The U.S. added 916,000 jobs in March, far above the expectations for 675,000. The unemployment rate edged down to 6% from 6.2%.
The gains were led by leisure and hospitality, public and private education, and construction.
The coronavirus pandemic-hit leisure and hospitality sector added a whopping 280,000 jobs.
With increased vaccination rates, macroeconomic uncertainty for the U.S. labor market is decreasing. While institutions have been providing the largest inflows to high-yield assets like bitcoin recently, the decrease in uncertainty could bode well for retail investors in digital assets.
While many investors treat bitcoin as a hedge against inflation and in some cases a hedge against macroeconomic uncertainty, a recent survey of European households by an economics professor at the University of Texas, Olivier Coibion, and four other economists showed that households reduced their share of assets allocated to crypto by 0.5 percentage points during times of elevated macroeconomic uncertainty.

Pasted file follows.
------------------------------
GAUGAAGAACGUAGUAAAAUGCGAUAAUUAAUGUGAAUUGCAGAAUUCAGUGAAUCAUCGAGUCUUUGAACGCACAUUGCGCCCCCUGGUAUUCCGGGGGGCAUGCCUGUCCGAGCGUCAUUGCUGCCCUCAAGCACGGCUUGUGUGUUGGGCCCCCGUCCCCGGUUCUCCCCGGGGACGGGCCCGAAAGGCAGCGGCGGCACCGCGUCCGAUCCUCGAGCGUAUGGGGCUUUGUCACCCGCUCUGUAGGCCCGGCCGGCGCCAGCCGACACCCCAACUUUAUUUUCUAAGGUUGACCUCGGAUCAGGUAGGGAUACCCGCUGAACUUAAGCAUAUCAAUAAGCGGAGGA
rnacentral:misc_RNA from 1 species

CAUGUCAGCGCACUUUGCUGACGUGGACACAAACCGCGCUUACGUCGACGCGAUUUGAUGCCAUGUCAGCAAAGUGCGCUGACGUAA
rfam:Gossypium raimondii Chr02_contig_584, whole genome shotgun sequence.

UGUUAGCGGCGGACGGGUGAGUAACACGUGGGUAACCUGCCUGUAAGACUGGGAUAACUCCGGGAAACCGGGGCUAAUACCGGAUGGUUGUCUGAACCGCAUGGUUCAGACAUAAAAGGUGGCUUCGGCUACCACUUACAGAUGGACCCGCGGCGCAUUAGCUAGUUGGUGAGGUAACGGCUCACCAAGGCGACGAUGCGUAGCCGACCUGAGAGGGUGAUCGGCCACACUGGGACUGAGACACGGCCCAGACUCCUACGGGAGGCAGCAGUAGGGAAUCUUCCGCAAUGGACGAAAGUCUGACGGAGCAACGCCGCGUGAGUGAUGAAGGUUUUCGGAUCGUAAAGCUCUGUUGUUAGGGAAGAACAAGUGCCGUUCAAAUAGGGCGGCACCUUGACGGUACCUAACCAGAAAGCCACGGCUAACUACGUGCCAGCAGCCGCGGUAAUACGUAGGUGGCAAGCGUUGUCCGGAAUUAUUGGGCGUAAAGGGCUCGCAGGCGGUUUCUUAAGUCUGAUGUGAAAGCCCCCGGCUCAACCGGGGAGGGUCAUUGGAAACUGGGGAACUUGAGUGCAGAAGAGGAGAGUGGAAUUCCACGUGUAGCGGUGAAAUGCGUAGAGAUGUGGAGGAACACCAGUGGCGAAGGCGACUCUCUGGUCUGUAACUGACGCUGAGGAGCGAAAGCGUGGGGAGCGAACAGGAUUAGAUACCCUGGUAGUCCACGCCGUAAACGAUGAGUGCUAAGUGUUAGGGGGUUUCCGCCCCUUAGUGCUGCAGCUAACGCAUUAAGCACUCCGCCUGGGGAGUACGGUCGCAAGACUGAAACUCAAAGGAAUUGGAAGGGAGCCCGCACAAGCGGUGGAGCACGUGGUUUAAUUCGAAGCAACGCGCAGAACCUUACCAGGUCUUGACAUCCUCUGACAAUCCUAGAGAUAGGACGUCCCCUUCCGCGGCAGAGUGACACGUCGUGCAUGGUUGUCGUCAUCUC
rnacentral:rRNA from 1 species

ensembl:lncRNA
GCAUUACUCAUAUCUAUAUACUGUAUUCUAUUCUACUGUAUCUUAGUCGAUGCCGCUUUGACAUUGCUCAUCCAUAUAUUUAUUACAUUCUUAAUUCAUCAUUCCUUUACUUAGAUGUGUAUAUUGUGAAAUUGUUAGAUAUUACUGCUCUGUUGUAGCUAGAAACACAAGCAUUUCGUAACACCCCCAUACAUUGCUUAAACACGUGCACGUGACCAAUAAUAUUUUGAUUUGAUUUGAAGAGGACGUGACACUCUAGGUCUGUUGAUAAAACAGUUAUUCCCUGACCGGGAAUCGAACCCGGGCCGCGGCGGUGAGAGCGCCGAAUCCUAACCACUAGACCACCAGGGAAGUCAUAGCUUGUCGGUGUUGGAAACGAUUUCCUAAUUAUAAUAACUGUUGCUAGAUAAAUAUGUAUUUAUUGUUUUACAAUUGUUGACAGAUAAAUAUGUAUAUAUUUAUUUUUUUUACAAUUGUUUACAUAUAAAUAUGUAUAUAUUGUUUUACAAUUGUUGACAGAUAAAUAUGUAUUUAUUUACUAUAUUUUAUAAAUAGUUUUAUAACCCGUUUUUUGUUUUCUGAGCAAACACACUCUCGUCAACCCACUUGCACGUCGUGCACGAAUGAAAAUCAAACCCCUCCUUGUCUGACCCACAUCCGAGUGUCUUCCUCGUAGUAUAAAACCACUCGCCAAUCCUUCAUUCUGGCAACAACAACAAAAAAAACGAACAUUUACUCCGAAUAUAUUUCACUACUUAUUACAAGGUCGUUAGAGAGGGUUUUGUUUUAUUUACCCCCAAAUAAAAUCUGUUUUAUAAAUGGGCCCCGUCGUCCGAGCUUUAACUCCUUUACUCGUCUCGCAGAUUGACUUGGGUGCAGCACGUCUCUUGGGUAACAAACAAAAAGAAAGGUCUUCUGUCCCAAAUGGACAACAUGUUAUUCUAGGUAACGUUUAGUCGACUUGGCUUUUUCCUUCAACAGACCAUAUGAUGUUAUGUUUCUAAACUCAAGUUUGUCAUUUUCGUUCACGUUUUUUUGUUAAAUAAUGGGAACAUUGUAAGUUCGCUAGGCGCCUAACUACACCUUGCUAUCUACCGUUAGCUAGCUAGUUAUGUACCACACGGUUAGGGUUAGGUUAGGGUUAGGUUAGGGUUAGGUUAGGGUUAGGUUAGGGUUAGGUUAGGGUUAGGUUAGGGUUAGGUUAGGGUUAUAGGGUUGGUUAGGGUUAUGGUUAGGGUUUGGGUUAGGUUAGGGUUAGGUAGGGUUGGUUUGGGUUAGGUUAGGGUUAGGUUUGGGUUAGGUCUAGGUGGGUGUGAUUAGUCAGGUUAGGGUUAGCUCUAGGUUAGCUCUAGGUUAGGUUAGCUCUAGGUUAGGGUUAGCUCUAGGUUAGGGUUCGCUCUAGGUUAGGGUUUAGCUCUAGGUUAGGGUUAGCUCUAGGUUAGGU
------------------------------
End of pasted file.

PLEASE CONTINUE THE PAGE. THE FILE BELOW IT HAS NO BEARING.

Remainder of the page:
One notable difference between economic recovery in a pandemic-induced recession and recovery in previous recessions is the large fraction of unemployment caused by temporary layoffs, said Robert Hall, an economics professor at Stanford University.
“In the previous recessions, the unemployed on temporary layoffs were a tiny fraction of all the unemployed,” Hall said. “The distinction is important because the unemployed on temporary layoffs typically have a much higher rate of returning to employment than the other unemployed.”